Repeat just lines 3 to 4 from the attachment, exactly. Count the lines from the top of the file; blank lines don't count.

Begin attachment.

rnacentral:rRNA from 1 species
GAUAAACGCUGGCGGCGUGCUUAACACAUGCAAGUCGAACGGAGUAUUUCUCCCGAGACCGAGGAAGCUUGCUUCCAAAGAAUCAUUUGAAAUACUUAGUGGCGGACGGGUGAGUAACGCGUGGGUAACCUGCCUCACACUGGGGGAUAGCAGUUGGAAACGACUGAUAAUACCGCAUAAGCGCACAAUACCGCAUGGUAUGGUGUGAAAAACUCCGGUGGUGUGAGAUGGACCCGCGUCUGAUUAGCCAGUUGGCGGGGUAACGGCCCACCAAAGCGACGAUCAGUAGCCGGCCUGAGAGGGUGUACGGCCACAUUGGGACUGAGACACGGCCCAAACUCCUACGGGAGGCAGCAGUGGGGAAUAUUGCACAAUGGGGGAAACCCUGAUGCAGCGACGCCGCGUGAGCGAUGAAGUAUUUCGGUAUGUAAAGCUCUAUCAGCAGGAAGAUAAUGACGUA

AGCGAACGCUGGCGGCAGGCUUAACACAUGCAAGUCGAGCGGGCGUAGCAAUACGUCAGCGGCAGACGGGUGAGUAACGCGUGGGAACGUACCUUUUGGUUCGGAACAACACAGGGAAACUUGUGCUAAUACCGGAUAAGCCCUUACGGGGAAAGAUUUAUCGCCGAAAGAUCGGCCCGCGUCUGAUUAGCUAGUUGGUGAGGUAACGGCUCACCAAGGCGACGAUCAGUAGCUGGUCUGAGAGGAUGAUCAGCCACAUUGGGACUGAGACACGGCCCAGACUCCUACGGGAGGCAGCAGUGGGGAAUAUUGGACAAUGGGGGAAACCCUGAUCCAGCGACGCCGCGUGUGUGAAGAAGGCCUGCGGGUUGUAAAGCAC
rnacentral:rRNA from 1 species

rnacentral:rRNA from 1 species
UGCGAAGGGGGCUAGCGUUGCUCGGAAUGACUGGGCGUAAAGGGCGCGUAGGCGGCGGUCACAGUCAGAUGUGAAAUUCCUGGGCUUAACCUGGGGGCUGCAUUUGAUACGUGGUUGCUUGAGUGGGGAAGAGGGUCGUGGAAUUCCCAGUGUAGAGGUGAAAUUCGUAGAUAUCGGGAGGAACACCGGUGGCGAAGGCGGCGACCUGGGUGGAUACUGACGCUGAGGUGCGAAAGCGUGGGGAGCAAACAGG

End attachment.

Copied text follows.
AGCGAACGCUGGCGGCAGGCUUAACACAUGCAAGUCGAGCGGGCGUAGCAAUACGUCAGCGGCAGACGGGUGAGUAACGCGUGGGAACGUACCUUUUGGUUCGGAACAACACAGGGAAACUUGUGCUAAUACCGGAUAAGCCCUUACGGGGAAAGAUUUAUCGCCGAAAGAUCGGCCCGCGUCUGAUUAGCUAGUUGGUGAGGUAACGGCUCACCAAGGCGACGAUCAGUAGCUGGUCUGAGAGGAUGAUCAGCCACAUUGGGACUGAGACACGGCCCAGACUCCUACGGGAGGCAGCAGUGGGGAAUAUUGGACAAUGGGGGAAACCCUGAUCCAGCGACGCCGCGUGUGUGAAGAAGGCCUGCGGGUUGUAAAGCAC
rnacentral:rRNA from 1 species